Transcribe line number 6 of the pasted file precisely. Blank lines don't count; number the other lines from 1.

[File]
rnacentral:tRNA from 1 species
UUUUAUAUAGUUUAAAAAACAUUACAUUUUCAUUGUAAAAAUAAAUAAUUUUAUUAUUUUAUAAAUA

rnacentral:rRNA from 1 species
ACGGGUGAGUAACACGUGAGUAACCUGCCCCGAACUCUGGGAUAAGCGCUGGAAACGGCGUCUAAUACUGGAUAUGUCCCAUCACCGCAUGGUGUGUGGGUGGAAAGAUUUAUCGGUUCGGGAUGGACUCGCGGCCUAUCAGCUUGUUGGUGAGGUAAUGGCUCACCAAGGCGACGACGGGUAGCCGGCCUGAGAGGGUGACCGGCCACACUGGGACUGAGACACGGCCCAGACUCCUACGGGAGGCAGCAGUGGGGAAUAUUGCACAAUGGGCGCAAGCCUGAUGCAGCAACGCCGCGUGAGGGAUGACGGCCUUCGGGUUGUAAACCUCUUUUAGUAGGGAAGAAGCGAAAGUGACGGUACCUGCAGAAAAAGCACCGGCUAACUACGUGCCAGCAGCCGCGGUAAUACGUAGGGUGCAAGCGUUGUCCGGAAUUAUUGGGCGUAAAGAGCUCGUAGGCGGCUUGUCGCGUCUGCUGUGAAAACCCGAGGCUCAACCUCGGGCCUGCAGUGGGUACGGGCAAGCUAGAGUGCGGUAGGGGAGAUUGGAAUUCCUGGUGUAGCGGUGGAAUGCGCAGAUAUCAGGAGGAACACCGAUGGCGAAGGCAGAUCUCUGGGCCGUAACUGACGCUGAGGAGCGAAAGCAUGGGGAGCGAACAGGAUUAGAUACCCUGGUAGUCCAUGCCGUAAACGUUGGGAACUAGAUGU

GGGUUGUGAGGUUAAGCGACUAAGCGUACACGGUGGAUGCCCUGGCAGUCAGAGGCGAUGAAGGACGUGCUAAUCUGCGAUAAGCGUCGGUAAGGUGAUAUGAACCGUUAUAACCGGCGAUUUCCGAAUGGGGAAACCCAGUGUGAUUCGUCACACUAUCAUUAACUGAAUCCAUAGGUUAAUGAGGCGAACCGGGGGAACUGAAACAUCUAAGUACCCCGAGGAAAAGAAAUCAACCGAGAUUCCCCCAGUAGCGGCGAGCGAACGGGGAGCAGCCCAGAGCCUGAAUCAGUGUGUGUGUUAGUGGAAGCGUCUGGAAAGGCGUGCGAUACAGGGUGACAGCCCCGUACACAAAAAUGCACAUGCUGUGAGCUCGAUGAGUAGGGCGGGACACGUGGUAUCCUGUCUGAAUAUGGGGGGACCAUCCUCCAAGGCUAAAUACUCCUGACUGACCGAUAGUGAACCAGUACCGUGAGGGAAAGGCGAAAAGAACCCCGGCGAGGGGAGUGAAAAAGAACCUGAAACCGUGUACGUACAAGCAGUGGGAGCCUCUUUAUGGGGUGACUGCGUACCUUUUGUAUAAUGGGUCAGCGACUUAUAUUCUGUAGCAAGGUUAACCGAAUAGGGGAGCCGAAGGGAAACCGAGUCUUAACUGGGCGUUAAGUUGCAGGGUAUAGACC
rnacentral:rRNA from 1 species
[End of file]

rnacentral:rRNA from 1 species